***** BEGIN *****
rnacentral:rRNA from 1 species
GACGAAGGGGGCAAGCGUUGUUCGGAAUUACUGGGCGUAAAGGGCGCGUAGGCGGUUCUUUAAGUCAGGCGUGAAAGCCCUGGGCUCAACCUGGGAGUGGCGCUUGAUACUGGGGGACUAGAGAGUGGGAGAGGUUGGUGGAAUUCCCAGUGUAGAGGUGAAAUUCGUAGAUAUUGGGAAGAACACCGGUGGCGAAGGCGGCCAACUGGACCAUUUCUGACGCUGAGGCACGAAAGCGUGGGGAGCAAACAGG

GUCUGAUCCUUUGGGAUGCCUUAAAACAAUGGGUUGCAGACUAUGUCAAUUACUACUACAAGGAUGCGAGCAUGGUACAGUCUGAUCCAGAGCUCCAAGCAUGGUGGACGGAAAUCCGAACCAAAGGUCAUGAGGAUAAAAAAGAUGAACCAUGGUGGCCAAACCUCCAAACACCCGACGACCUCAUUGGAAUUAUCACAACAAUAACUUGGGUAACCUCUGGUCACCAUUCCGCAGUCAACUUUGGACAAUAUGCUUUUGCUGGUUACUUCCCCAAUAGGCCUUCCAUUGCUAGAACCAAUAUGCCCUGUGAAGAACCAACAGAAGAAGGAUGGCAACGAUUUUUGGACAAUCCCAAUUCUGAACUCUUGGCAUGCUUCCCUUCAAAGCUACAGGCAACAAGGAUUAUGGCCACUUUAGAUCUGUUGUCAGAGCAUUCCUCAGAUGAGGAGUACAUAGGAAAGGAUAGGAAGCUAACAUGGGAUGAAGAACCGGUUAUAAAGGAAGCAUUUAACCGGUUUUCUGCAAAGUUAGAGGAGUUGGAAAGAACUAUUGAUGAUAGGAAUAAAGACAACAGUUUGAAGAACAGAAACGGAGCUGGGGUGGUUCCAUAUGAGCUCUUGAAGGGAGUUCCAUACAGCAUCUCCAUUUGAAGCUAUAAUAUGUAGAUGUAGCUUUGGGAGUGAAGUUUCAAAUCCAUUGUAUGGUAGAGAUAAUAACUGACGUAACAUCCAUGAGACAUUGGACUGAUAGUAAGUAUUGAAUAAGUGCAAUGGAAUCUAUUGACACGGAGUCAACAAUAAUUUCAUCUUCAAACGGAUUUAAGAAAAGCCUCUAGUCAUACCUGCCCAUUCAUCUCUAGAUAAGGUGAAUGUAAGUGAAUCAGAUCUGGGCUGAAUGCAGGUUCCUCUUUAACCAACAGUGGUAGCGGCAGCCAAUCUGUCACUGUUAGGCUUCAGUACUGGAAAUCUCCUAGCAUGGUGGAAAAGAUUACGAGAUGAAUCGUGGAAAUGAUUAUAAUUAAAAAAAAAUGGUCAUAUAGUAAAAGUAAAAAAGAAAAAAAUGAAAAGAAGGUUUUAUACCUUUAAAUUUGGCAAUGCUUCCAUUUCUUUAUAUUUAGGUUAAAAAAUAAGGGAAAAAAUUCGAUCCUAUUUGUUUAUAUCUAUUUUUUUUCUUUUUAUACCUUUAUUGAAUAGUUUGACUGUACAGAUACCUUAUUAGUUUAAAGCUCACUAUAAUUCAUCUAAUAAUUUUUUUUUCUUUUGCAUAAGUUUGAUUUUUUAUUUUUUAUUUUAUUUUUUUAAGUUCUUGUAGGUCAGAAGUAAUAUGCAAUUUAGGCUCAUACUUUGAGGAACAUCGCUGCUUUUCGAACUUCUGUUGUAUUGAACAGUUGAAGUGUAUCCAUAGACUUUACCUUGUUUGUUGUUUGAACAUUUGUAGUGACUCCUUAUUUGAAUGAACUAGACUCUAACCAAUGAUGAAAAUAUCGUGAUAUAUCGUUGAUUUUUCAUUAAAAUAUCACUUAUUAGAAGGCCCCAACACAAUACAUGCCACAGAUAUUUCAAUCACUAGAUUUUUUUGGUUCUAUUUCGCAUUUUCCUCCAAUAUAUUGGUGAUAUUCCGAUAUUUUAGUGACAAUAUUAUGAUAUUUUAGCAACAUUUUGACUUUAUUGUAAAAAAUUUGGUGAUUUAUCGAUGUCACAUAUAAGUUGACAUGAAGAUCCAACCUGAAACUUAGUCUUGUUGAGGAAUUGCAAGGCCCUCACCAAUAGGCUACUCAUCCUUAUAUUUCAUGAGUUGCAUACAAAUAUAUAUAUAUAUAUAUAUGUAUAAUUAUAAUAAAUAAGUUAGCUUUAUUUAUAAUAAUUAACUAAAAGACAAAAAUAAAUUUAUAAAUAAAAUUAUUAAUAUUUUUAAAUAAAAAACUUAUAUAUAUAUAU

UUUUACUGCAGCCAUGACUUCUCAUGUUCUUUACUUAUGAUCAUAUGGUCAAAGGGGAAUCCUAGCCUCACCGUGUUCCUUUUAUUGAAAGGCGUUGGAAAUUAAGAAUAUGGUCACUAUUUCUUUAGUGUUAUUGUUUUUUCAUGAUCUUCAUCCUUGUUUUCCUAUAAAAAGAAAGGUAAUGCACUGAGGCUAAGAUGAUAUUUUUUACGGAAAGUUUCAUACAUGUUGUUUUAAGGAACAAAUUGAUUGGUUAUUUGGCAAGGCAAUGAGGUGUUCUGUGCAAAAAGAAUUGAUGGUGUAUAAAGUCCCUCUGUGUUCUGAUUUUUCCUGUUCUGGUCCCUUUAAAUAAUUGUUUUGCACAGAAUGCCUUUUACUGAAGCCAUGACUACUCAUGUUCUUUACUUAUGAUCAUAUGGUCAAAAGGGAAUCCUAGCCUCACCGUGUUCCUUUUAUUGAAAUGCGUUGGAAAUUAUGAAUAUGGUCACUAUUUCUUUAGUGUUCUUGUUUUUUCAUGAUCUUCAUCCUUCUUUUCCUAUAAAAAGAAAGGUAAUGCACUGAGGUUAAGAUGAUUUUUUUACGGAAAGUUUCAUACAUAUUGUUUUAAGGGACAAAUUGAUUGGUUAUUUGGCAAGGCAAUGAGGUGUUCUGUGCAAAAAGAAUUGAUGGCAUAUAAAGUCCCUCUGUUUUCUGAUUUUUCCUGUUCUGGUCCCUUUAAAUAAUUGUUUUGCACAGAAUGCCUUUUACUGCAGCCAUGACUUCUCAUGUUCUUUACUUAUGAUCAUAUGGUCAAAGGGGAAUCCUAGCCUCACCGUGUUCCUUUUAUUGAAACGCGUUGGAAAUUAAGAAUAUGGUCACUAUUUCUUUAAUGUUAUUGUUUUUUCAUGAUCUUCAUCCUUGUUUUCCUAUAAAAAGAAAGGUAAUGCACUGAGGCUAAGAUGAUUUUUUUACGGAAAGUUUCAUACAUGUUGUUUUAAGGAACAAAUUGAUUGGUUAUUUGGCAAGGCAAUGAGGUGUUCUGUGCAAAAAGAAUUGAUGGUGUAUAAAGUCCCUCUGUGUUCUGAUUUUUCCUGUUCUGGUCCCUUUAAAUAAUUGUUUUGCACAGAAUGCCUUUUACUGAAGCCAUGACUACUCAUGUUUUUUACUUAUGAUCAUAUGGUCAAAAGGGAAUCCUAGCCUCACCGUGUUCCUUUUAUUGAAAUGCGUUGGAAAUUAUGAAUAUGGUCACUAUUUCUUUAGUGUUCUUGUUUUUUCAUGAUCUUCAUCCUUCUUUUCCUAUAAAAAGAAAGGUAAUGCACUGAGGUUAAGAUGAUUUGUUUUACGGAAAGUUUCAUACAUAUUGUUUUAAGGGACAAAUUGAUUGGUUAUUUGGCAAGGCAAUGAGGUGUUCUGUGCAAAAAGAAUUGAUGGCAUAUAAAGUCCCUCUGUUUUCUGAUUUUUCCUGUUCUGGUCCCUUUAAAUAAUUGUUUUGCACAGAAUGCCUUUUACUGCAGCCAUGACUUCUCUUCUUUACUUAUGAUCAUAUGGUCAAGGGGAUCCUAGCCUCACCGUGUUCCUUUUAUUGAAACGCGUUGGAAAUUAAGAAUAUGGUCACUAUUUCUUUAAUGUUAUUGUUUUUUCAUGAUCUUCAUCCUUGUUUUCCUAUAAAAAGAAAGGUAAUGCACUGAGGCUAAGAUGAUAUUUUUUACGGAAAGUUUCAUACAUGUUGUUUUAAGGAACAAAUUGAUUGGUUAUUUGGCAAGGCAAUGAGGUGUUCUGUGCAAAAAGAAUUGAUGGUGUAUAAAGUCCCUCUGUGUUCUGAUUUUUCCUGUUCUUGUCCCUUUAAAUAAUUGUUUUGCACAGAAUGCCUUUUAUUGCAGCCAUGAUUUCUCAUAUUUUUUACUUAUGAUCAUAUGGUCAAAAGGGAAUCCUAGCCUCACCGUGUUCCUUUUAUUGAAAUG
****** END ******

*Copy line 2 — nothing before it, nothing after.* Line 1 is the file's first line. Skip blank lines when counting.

GACGAAGGGGGCAAGCGUUGUUCGGAAUUACUGGGCGUAAAGGGCGCGUAGGCGGUUCUUUAAGUCAGGCGUGAAAGCCCUGGGCUCAACCUGGGAGUGGCGCUUGAUACUGGGGGACUAGAGAGUGGGAGAGGUUGGUGGAAUUCCCAGUGUAGAGGUGAAAUUCGUAGAUAUUGGGAAGAACACCGGUGGCGAAGGCGGCCAACUGGACCAUUUCUGACGCUGAGGCACGAAAGCGUGGGGAGCAAACAGG